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Saturday, August 21, 2010

We were right to let Megrahi go home

We were right to let Megrahi go home

Americans who have complained about Megrahi's release need to move on, writes Bruce Anderson.

The Megrahi affair is a shambles. It made the last government – and the Scottish executive – look weak and shifty. The new Government has failed to eradicate that impression. As a result, Britain's reputation has suffered.

This is all so unnecessary. To bring the matter under control would require only the assertion of two simple principles: truth and realism. First, truth, and some history. In the late 1980s, the UK was in a state of undeclared war with Libya. For years, the Libyans had been sponsoring terrorists, including the IRA. In retaliation, rightly and bravely, Margaret Thatcher allowed the Americans to launch a bombing raid on Tripoli from British bases. In their turn, the Libyans blew up the plane which crashed in Lockerbie.

The years passed and the world changed. The Libyans agreed to negotiate with the West and to abandon their nuclear programme. In response, we became friendly to the Libyan leadership. There were trade talks; there was a limited amount of military co-operation. But no one should be under any illusions. Lockerbie was planned and authorised at the highest level. Megrahi was not an autonomous murderer. He was a servant of the state. When ministers shook hands with important Libyans, they were shaking hands stained with the blood of innocent victims.

They were right to do so. This is where the realism comes in. It was important to persuade the Libyans to renounce the attempt to develop nuclear weapons. It was sensible to use trade and investment deals to lock them into a co-operative frame of mind. Given Libya's vast raw materials, it was desirable that British firms should be involved in the efforts to exploit them. If we did not take the chance to create jobs and earn profits, others would.

Admittedly, it was the Libyan hierarchy which handed Megrahi over for trial, sacrificing a pawn to secure bigger objectives in the diplomatic chess game. But we are not obliged to acquiesce in their cynicism and ruthlessness. Once we were making friends with the organ-grinders, it would have been hypocritical to go on punishing the monkey. The question of mercy was irrelevant. If Megrahi had been acting on his own, he would have already received all the mercy which he deserved, in that he was not put to death by torture. As he was merely a Libyan agent, he was entitled to benefit from our rapprochement with his country.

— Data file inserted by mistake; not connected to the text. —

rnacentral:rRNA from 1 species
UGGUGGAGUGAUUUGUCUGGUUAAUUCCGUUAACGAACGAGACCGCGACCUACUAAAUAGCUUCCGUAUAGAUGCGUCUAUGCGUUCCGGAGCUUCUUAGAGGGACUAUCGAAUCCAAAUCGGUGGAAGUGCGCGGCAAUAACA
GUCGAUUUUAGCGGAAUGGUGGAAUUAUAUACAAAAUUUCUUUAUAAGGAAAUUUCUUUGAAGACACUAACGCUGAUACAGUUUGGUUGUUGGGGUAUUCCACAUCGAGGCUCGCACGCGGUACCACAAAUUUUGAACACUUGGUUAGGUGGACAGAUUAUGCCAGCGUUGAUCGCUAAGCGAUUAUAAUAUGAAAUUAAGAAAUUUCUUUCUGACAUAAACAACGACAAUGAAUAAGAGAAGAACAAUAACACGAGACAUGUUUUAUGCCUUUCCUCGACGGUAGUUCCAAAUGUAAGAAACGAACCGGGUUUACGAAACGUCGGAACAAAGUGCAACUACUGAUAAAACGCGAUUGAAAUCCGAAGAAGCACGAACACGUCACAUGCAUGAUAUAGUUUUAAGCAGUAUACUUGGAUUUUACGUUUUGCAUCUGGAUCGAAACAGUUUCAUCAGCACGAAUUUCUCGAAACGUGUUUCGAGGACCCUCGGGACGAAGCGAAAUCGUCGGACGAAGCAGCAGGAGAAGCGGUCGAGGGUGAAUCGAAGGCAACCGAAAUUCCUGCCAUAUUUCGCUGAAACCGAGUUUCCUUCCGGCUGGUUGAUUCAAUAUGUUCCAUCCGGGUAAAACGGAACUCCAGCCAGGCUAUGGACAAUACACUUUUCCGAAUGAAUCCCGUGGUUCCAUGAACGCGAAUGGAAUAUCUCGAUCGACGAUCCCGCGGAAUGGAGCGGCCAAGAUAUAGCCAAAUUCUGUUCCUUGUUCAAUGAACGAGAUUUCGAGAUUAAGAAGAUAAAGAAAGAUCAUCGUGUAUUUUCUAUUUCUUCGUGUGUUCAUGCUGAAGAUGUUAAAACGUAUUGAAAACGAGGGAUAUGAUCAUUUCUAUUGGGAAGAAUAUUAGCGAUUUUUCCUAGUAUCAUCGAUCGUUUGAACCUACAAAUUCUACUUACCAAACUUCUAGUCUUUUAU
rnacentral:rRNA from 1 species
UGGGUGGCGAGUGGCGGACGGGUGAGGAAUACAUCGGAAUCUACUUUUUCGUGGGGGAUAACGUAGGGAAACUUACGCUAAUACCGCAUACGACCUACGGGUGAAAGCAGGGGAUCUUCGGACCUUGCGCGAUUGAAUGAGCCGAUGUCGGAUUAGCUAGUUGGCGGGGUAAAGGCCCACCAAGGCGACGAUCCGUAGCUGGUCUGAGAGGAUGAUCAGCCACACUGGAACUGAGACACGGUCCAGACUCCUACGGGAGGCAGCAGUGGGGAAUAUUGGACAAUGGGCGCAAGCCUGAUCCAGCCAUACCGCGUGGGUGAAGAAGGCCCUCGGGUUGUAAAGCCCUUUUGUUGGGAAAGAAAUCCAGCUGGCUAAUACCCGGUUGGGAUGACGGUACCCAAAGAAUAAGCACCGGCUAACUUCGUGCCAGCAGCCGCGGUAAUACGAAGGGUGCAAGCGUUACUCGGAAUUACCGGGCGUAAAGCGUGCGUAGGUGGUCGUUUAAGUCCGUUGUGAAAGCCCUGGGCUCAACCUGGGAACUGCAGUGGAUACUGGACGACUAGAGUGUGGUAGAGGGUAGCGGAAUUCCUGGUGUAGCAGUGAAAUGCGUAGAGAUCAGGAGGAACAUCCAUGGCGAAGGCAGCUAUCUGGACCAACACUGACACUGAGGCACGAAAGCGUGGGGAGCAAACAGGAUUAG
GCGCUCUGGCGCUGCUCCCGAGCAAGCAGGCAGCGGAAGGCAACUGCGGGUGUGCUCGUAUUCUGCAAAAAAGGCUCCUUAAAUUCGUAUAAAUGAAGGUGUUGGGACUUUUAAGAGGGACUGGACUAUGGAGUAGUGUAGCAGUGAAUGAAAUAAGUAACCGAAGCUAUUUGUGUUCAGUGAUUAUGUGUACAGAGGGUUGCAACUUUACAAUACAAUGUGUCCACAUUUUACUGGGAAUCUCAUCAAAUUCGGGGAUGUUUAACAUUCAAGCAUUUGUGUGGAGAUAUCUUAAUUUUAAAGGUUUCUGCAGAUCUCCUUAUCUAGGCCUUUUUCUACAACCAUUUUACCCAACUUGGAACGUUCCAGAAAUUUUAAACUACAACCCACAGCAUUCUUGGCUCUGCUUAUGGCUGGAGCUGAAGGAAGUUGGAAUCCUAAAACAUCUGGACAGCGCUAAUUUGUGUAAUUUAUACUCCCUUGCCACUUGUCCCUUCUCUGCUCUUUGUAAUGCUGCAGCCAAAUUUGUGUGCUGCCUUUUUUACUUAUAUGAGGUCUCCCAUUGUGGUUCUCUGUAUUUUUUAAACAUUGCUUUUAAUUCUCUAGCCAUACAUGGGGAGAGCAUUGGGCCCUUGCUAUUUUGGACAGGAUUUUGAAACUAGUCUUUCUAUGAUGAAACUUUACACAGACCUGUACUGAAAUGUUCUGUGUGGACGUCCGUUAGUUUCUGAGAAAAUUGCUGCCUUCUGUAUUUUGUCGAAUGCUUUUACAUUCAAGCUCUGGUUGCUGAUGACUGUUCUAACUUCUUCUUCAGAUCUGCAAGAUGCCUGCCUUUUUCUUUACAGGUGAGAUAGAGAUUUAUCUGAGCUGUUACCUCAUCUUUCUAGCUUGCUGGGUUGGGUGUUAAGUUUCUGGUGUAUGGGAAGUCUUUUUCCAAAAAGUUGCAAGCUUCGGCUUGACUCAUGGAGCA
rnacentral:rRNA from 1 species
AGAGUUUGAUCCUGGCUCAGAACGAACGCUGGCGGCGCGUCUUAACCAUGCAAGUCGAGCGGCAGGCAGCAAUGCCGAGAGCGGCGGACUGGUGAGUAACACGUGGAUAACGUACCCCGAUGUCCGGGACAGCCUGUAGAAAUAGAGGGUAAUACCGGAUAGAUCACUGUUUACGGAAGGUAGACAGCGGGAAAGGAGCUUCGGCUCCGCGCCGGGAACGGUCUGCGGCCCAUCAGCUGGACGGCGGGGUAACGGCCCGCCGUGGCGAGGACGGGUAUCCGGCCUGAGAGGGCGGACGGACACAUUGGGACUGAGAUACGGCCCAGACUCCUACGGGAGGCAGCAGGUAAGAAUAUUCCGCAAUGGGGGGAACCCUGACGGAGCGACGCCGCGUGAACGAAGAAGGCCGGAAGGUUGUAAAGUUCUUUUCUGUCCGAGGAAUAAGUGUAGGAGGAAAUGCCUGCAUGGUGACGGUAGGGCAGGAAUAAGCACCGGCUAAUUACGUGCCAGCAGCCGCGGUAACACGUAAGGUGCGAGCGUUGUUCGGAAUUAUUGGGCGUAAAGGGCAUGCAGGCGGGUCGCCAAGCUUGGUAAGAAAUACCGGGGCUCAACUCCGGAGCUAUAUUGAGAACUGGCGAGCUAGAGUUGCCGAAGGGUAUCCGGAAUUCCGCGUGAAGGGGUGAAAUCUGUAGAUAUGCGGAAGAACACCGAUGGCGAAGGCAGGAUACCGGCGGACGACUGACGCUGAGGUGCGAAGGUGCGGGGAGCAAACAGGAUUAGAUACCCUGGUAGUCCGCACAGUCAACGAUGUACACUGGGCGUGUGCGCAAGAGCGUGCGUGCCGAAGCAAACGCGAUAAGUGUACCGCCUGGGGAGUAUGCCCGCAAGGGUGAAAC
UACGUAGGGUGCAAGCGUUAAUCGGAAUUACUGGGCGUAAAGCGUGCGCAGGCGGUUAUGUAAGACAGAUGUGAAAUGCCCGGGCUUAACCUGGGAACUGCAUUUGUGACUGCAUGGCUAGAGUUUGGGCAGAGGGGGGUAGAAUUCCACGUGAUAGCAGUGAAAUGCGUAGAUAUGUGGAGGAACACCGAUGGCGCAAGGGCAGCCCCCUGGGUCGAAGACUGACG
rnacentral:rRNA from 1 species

The phrase "move on" has become a cliché, usually to provide cover for sub-Blairite slop. But it has its uses. IRA men are serving in the Northern Ireland government, because the province has moved on to a peace process. As we have moved on with Libya, it was right to allow Megrahi to move out. The Americans were upset: tough. We are a sovereign country, as are they. If some British MPs demanded the right to question Congressmen from Massachusetts about their links with the IRA, they would be told to mind their own business. So should the Americans who have complained about Megrahi.

Even so, the Government should make one concession. It ought to give a frank account of the decision-making process that led to the release. If it did so, not everyone would agree. But people would at least feel that the politicians were levelling with them and explaining the tough-minded decisions which governments have to take in a difficult world.

There is a final point. According to British doctors, Megrahi had only a few heavily sedated weeks left. He is still alive. Would someone please reassure us that Libyan medicine has not yet surpassed the NHS?

Lockerbie bombing: US calls for Megrahi to be returned to jail

The United States has made an impassioned plea for Abdelbaset Ali Mohmed al-Megrahi, the only man convicted of the Lockerbie bombing, to be returned to jail.

Comment: I wish America would stop trying to be the world's policeman!


CherryPie said...

Thank you for the balanced explanation on the political developments and explanation.

With regard to your question on the medical aspect, I don't know in this case but sometimes people survive much longer than expected despite the severeness of an illness. I have seen this happen more than one and I put it down to strength of character and positive thinking.

Anonymous said...

In an earlier post you remarked that the families' incensed by Megrahi's release had only themselves to blame. Nonsense.

Now, you seem to be agreeing with the decision to release this man, which is your opinion to which you are entitled. However, you have no direct involvement. 'Moving on' is impossible for those whose lives have been blighted.

CherryPie, there is nothing balanced about this blog. Also, to suggest that people survive because of strenght of character and positive thinking is ridiculous. It also makes people feel responsible for being unable to recover from terminal illness. A positive attitude is good for coping, useless for warding off the inevitable.

And I think you meant severity.

CherryPie said...


With regard to your comments about illness we will have to agree to differ. My comments were about my own family members who suffered with terminal illnesses.